The first legal documents in most lawsuits are the summons and complaint. The summons is a short document that informs a defendant that he or she is being sued, in which court and how much time there is to reply (the time to reply is set by law). The summons also lets a defendant know who is bringing the suit.
The complaint should contain a short statement of the reason the court has jurisdiction over the case and the reasons for the claim showing that the plaintiff is entitled to relief. The complaint should also contain a demand for judgment for the relief the plaintiff is seeking. The plaintiff may seek alternative forms of relief, including monetary relief, injunctive relief or specific performance.
If the defendant does not reply to the complaint within the time allowed, judgment by default may be entered against him or her. A judgment by default is final, usually grants the plaintiff everything asked for and is entered without any testimony or argument from the defendant. If a defendant does reply, it is by serving an answer on the plaintiff’s attorney. The answer should contain the defenses to each claim asserted by the plaintiff and the defendant should admit or deny the allegations upon which the plaintiff relies. If the defendant is without knowledge or information sufficient to form a belief as to the truth of a statement in the plaintiff’s complaint, the defendant should state that, and such a statement will have the effect of a denial.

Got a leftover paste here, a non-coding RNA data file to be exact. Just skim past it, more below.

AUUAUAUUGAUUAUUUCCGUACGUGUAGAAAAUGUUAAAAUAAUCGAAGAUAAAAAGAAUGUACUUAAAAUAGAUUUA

Instead of filing an answer, a defendant may file a motion in which it raises all its defenses, asking the court to dismiss the plaintiff’s complaint. A motion to dismiss can raise the following defenses: lack of jurisdiction over the subject matter, lack of jurisdiction over the person, insufficiency of process, insufficiency of service of process, failure to state a claim upon which relief can be granted and failure to join a party.
If the defendant believes the plaintiff is liable to the defendant, he or she may serve what is known as a counterclaim on the plaintiff. A counterclaim is generally served along with the answer, and it sets forth the defendant’s claims against the plaintiff.